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‘A truly global caseload’: ICC figures show arbitration growth in LatAm and Asia in record year

The International Chamber of Commerce (ICC) has revealed record figures for new cases filed in 2016, with substantial increases in caseload for Latin America and South and East Asia.

Preliminary statistics indicate that a record total of 966 new cases were administered by the Court over the year, involving 3,099 parties from 137 countries. This is a 21% improvement on 2015’s 801 cases.

The statistics reveal a general growth in the number of arbitration cases with Latin America-based parties. This accounted for a 15% increase, with Brazil climbing to third place in party rankings worldwide and Mexico breaching the top five for the first time.

There was also unprecedented progress in Asia and Africa. South and East Asia both saw an increase of 22% in party representation, with a record 82 parties from Korea.

North and Sub-Saharan Africa both saw a 50% increase in the number of participating parties.

According to the ICC, the figures ‘reflect continuing growth of the world’s leading arbitral institution and its ongoing efforts to make ICC dispute resolution services more accessible worldwide.’

ICC president Alex Mourre said: ‘These initial findings are welcome testament to our efforts to continually adapt our services to the needs of arbitration users around the world.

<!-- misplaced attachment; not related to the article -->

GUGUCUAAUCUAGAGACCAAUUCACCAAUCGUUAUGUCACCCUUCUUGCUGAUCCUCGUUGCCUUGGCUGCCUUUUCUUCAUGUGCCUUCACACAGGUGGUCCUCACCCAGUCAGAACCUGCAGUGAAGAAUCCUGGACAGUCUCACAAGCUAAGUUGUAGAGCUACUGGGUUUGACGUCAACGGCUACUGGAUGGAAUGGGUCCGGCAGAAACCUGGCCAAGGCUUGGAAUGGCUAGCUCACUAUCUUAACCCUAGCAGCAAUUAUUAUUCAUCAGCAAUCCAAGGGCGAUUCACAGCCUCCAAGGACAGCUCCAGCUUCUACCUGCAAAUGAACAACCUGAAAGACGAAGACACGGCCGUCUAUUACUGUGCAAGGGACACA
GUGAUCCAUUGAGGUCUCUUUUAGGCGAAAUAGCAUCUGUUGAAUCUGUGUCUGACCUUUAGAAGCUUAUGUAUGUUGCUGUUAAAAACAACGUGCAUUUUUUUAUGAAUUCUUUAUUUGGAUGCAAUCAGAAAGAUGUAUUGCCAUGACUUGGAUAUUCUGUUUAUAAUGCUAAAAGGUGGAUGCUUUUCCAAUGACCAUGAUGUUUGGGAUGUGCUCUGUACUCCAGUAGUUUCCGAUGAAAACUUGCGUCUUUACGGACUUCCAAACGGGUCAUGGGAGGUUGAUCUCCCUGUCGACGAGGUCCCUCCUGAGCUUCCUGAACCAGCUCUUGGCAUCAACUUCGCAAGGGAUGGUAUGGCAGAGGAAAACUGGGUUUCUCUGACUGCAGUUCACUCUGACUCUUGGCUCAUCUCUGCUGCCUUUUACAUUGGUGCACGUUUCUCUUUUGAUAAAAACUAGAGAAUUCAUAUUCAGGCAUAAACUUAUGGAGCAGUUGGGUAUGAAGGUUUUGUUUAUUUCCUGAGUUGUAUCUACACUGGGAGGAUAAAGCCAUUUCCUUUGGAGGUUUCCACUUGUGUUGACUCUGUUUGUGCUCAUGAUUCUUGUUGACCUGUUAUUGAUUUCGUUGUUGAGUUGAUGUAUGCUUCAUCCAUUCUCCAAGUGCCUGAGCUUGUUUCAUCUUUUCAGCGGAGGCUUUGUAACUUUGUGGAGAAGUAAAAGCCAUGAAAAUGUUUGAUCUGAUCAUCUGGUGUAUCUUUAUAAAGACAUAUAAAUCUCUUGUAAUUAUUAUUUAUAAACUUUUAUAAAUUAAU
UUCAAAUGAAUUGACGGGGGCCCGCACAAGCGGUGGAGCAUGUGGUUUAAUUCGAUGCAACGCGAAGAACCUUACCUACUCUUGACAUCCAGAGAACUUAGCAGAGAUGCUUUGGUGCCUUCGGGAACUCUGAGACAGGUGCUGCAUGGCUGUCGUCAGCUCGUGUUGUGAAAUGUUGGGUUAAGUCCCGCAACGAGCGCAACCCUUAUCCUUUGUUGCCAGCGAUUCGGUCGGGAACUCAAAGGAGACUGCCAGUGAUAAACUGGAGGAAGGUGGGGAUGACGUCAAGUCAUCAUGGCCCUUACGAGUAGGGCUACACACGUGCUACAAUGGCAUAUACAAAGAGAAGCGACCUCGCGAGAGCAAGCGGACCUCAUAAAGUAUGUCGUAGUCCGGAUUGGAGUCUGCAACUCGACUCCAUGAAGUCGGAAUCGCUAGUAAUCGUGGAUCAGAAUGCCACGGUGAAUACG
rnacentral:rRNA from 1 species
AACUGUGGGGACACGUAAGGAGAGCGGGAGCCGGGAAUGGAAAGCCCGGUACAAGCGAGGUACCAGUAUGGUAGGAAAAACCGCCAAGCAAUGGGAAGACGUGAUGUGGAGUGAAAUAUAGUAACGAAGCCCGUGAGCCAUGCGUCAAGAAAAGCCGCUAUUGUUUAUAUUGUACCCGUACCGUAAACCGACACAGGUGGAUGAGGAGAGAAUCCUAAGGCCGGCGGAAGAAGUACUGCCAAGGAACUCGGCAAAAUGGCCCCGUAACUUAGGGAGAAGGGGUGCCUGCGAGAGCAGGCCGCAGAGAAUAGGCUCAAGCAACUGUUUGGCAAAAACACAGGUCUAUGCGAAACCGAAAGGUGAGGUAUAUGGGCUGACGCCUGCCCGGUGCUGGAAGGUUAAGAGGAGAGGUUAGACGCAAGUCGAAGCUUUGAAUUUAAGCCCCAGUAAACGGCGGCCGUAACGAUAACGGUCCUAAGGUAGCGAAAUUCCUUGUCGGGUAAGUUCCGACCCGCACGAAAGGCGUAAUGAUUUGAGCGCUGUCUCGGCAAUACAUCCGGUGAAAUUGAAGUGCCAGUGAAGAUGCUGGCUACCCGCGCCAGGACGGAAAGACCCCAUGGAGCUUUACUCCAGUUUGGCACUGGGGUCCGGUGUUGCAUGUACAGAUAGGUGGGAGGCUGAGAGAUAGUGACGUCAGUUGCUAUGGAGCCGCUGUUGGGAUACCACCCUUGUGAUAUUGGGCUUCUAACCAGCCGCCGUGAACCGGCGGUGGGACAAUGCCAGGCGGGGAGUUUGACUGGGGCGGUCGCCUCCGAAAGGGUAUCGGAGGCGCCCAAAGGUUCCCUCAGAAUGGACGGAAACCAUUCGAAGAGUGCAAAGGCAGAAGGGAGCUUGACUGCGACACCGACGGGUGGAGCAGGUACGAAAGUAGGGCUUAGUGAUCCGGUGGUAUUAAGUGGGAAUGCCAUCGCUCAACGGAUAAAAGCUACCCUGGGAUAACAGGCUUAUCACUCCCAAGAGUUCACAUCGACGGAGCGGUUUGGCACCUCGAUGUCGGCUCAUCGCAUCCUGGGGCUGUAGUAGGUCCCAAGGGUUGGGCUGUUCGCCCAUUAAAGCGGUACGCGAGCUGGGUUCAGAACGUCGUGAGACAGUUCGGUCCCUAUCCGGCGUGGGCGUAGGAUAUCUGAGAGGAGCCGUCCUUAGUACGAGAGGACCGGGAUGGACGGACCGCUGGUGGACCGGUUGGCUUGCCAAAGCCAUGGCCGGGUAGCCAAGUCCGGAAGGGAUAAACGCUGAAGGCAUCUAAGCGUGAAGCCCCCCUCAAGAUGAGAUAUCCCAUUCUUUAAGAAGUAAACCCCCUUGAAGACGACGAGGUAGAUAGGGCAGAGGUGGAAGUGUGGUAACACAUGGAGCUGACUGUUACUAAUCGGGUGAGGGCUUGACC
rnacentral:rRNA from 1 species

He added: ‘These efforts will continue in 2017 with plans to build further on our global presence in the year ahead.’

Mishcon de Reya head of arbitration Karel Daele attributed the growth to a universal spike in demand: ‘The increasing numbers are indeed testament to the good work that the ICC is doing and its global reach. However, this growth is not unique to the ICC.

‘All major institutions, in various parts of the world, register an increasing number of cases year after year. All of these institutions continue to improve and modernize their rules so as to better serve the international business community and it appears that this work pays off.’

Stephen Jagusch, global chair of Quinn Emanuel Urquhart & Sullivan’s international arbitration practice, added: ‘I’m not surprised by the figures. Indeed I suspect that the figures for the other leading arbitration institutions will also show increased case load.

‘I’m even less surprised that the ICC in particular will be seeing growth in geographies and jurisdictions where arbitration has traditionally been less popular because the ICC does a great job in marketing its services to businesses in those areas.

‘What we’re seeing is the ICC reaping the benefits of its global outreach and educational programmes.’

Herbert Smith Freehills arbitration head Craig Tevendale added: ‘These are important stats for the ICC and an important advance. The reality is that the statistics from the last six years are more or less stable. To go from 801 to 966 is an appreciable growth. The ICC have every cause to be pleased with that.

Tevendale (pictured) added: ‘One of the virtues of the ICC is that they have a truly global caseload in terms of the origin of cases and the jurisdictions. The Latin America numbers recognise an increasing awareness of arbitration and a greater level of trust against some of the dispute resolution alternatives. That is a trend to be welcomed by any arbitrator.’

Last year the lord chief justice of England and Wales said English law took ‘a wrong turning’ in favouring international arbitration to resolve commercial dispute.

Lord Thomas said ‘the time is right to look again at the balance’ between disputes heard in private international arbitrations compared to public court proceedings, and argued that the rise of international arbitration is ‘a serious impediment to the development of the common law’.

Read more on arbitration in: ‘Everything must go – the London arbitration price war’